I See TWO Political Traditions in America; Why You Only FIND ONE!?

BELOW: WORKING PAPER, looking for comments. Please consider my “empirical box” of political science here.

Political scientists are increasingly examining within relationships under the umbrella of liberalism; like Economic-Elite Domination and Biased Pluralism (Gilens and Page 2014). I argue that these studies are “within” Liberalism and ignore republicanism and that contemporary political theory should consider republicanism as an alternative explanation for American politics during the early 21st century.

We know that the American political culture focused on republicanism in the early centuries of development (Malloy 2011) and that there have been “republican revivals” from generation to generation throughout American history (Ericson 1993). Even though recent scholarship has outlined a republican conception of democracy on the people’s terms for the modern era (Pettit 2012), scholars have yet to delineate a republican political-economy, let alone how an individual may demonstrate republican values despite the overwhelming call to protect liberal values.

The problem is that republicanism has not yet been heard with one voice as an alternative core value to liberalism. As Kane openly admitted, “Different political theorists have presented different concepts of republicanism. Different governments have also implemented republican ideas differently in practice” (Kane 2008, p. 45). Republicanism is a work in progress and this essay is an attempt to relate that progress.

For this essay, I define liberalism as representative government based on representing a liberal society (i.e., neutrality, individualism, free capitalism, prefers the Alger Myth). I define republicanism as self-government based on representing a republican society (i.e., non-domination, enlightened self-interest, against rapacious capitalism, prefer open resource–open access). Liberalism has been well defined by the field. I begin to distinctly define republicanism in this paper.

I contend that the first and only principle of republicanism is simple: The people are instrumental in the formation, implementation, and evaluation of public policy according to the values of non-domination in order to solve collective action problems. In a Republic, the people enable public policy according to a public / common good by which the resources available to society are tied to all participants. This “public space” where the people work has long been labeled res publica. However, finding and confirming contemporary republicanism in the American society / polity acting in res publica during the early 21st century has been anything but simple!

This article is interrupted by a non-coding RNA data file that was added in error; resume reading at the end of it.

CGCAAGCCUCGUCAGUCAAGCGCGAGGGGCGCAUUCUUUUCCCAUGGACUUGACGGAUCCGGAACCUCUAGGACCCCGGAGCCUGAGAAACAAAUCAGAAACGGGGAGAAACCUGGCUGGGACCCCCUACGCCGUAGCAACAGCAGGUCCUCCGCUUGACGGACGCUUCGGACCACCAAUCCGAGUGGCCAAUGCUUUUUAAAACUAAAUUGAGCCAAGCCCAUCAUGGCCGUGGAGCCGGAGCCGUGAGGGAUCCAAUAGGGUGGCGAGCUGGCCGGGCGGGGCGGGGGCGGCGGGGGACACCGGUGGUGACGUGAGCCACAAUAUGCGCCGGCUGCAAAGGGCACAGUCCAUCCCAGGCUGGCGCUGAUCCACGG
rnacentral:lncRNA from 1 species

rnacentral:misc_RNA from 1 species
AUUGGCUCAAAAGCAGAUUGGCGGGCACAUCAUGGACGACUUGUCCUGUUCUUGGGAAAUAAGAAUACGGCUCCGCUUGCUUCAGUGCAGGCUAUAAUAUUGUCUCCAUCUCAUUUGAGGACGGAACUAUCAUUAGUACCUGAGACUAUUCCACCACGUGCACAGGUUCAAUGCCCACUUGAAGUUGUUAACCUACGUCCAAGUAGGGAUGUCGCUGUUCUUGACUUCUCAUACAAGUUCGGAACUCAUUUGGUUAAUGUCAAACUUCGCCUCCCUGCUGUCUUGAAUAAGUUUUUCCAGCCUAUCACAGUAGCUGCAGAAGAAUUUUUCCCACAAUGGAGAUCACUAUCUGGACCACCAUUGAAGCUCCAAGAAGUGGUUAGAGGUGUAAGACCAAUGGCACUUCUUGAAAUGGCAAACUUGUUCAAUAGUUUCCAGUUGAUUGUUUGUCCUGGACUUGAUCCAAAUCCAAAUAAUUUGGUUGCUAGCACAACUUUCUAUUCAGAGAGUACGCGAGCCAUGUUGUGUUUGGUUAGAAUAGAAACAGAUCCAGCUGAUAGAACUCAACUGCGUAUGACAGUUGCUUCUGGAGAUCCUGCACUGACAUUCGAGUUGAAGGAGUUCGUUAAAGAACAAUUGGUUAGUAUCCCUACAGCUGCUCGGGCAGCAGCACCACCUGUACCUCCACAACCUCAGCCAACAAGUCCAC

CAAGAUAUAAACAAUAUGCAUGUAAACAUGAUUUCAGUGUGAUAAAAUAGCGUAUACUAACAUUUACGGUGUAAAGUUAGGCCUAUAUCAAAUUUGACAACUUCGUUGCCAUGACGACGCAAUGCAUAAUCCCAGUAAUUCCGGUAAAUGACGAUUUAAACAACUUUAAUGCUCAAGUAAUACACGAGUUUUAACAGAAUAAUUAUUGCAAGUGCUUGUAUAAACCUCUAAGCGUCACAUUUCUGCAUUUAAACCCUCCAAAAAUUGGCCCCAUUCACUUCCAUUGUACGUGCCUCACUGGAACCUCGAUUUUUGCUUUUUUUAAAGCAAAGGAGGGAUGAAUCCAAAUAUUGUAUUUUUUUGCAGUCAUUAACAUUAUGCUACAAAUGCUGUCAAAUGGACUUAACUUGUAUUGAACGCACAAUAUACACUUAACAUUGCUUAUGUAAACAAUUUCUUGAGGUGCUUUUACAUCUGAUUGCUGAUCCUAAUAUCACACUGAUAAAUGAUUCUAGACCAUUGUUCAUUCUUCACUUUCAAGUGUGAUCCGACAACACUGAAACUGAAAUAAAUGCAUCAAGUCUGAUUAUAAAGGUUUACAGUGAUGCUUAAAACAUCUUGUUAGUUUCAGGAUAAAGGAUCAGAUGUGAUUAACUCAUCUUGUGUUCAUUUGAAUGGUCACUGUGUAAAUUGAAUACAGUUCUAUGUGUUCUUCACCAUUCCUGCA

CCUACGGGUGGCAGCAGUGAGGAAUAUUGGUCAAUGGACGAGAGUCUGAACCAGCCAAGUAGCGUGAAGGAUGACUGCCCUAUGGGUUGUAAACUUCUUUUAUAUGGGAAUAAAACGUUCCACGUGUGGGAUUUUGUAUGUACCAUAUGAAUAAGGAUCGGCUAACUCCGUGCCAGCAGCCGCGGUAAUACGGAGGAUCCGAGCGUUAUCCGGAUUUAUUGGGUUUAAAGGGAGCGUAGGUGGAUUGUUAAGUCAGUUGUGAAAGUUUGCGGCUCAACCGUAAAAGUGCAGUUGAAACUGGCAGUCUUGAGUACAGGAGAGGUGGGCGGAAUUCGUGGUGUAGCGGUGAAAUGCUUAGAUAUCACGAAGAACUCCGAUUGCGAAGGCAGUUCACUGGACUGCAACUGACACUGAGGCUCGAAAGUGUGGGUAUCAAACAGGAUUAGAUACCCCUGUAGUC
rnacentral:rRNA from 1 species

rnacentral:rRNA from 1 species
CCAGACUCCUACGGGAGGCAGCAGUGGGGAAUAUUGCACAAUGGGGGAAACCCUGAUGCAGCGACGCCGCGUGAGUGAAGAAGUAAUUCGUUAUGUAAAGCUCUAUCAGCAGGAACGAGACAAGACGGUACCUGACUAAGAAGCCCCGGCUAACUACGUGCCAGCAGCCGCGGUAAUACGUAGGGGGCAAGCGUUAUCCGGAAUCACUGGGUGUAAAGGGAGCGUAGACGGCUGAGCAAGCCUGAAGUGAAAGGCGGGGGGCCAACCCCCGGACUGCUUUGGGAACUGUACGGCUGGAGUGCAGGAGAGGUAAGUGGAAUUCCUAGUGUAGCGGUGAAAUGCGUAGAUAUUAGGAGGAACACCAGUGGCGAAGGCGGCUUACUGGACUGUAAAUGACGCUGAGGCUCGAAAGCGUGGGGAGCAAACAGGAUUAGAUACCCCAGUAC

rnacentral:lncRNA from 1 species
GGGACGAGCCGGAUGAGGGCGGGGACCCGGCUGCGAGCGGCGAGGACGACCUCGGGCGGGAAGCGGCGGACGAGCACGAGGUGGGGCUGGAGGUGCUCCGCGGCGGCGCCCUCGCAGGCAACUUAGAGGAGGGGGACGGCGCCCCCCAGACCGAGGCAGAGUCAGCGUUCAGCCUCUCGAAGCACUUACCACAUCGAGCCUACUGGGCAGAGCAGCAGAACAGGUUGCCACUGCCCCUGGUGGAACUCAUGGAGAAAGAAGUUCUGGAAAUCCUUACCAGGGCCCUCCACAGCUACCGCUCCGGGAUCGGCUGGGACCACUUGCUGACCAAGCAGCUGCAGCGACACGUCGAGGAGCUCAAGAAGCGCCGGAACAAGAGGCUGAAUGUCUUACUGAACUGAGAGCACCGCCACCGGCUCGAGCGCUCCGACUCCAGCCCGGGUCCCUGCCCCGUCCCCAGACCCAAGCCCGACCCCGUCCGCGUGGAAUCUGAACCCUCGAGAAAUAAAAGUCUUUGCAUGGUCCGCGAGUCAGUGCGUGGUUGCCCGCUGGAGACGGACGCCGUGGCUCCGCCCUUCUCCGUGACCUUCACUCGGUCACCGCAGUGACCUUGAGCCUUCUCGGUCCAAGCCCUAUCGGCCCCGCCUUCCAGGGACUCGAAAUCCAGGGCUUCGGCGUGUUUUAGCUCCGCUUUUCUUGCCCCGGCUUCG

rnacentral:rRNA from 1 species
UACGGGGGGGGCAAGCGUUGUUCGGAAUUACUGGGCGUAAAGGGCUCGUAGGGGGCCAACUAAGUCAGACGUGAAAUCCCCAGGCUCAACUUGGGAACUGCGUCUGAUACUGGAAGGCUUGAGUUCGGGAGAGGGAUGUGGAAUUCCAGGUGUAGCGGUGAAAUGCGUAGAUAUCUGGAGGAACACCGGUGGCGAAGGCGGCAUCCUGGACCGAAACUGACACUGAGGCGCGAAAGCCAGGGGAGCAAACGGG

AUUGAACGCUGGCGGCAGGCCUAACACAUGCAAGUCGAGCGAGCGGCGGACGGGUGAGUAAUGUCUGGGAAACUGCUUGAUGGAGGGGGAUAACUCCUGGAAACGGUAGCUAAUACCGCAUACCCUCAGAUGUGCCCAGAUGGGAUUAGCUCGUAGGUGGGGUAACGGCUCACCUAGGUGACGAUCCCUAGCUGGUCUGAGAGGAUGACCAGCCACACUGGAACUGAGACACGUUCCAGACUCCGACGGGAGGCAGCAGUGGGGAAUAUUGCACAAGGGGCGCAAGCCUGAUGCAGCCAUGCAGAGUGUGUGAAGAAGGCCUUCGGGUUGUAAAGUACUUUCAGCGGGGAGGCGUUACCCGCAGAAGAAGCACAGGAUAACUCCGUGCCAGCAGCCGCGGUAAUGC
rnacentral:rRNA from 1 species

For example, there were relatively few examinations of American republicanism since Riker (1955), whereby he analyzed about 20 “Resolutions of Instruction” (ROI) during the antebellum era and found them to be insignificant compared to liberalism. ROI is literally when the people, or State legislatures, could pass an instruction to the U.S. Senator for a reading in the U.S. Senate. Meaning, we do have actual examples of republican negotiation and agreement in the antebellum era—to show the power and agency stemming from the people on some particular issue. For instance, we read in the Senate Journal on February 27th, 1795 (as written):

Mr. Jackson laid before the Senate two acts of the state of Georgia, to wit: “An act for appropriating a part of the unlocated territory of the state for payment of the late state troops, and for other purposes therein mentioned;” and “An act supplementary, to an act, entitled ‘An act for appropriating a part of the unlocated territory of the state tot the payment of the late state troops, and for other purposes therein mentioned,’ declaring the right of the state to the unappropriated territory thereof for the protection and support of the frontiers of the state, and for other purposes.” Resolved, That this bill pass with the amendments.[i]

Empirically, this is a break from the liberal society thesis. In the antebellum era, the people did instruct the General Government and the resolution of instruction (ROI) did pass (i.e., the first ROI as a rider!). Yet for many decades now, scholars have built a liberal tradition consensus (Campbell 1960, Hartz 1955, Riker 1955) because only theories of liberalism indubitably describe American politics. Today, republicanism is an undercurrent moving into the footnotes section, or off the pages altogether—not connecting the republican practice of ROI to, say, de jure legalization of Gay Marriage or marijuana by the people on the people’s terms. Of particular salience, there were not 20 resolutions during the antebellum era predominantly from the South as Riker suggested; rather, there were more than 2,000 ROIs, and they were predominantly from the North (Girdwood and Grynaviski 2014)!

[i] Emphasis added.

ps., a solid political campaign for 2016 would affirm and reinforce our liberal values and “enable” our republican values!!!

pss. Tulis is still vitally important to our understanding the depths of republican discourse in American politics.




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